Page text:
Recent Dissertations

Anna Foucek Tresidder
The Institutional Context that Supports Team-Based Care for Older Adults

This study examined the role of institutional context in supporting interdisciplinary teams (IDT) in the care of older adults through interviews of the management and staff of the Program for All-Inclusive Care of the Elderly (PACE) in six states. A case study approach drawing upon qualitative methods was used to examine policy-regulative, cultural-cognitive, normative, relational, and procedural elements of institutional context and the extent to which they support collaborative teamwork. The findings provide in-depth analysis and discussion of the complexity of supporting teams and actualizing teamwork in practice.

Date Defended: October 2, 2013

Oliver John Droppers V
A Case Study of Collaborative Governance:  Oregon Health Reform and Coordinated Care Organizations

This research explored collaborative governance as a model to form new partnerships among for-profit, nonprofit, and public organizations in an effort to create community-based, locally governed health care entities in Oregon through coordinated care organizations (CCOs). This study developed insights into similarities and differences among CCO governance structures by investigating three CCOs. The significance of this study is that it identified starting conditions that facilitate and hinder the ability of CCOs to effectively solve problems through governance mechanisms. Oregon’s CCOs offer an example of multiple layers of governing institutions—federal, state, and county—using formal authority to influence a specified set of outcomes, the Triple Aim, in a specific policy domain: provision of health care services for underserved Oregonians. This study contributes to the theory of collaborative governance and may inform future policy decisions about CCOs in Oregon and, more broadly, ongoing national health care reform efforts.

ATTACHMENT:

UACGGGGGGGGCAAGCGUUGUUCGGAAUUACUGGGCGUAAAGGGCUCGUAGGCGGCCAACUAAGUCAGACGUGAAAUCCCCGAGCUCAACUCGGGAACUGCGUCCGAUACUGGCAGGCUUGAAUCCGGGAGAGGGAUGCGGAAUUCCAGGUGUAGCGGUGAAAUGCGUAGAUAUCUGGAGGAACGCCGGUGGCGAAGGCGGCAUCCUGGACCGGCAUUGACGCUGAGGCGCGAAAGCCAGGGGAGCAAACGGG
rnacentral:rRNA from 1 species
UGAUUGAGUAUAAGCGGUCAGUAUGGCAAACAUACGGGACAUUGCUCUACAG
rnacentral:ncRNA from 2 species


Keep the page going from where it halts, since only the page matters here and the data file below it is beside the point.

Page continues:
Date Defended: May 7, 2014

Carl William Foreman
Impact of a State Evidence-Based Practice Legislative Mandate on County Practice Implementation Patterns and Inpatient Behavioral Health Discharge

This study analyzed the implementation of an evidence-based practice legislative mandate in the State of Oregon, which provided an opportunity to analyze county-level implementation patterns of evidence-based practices and their impact on expected outcomes. As a public policy, ensuring the use of evidence-base practices provides a potential rational method for controlling the quality of provider practices. In theory, provider use of evidence-based practices increases the quality of services provided and improves outcomes. The evidence-based framework provided a rational mechanism for evaluating and categorizing interventions by the level of supporting evidence.  Study results identified some evidence that the policy yielded “rational mechanism” processes and outcomes, but also indicated that other mechanisms may have influenced implementation patterns and that the evidence of a link between policy and outcomes is a best inconsistent. Further research on evidence-based policies using definitional and measurement frameworks applied in this study is clearly warranted.

Date Defended: January 26, 2015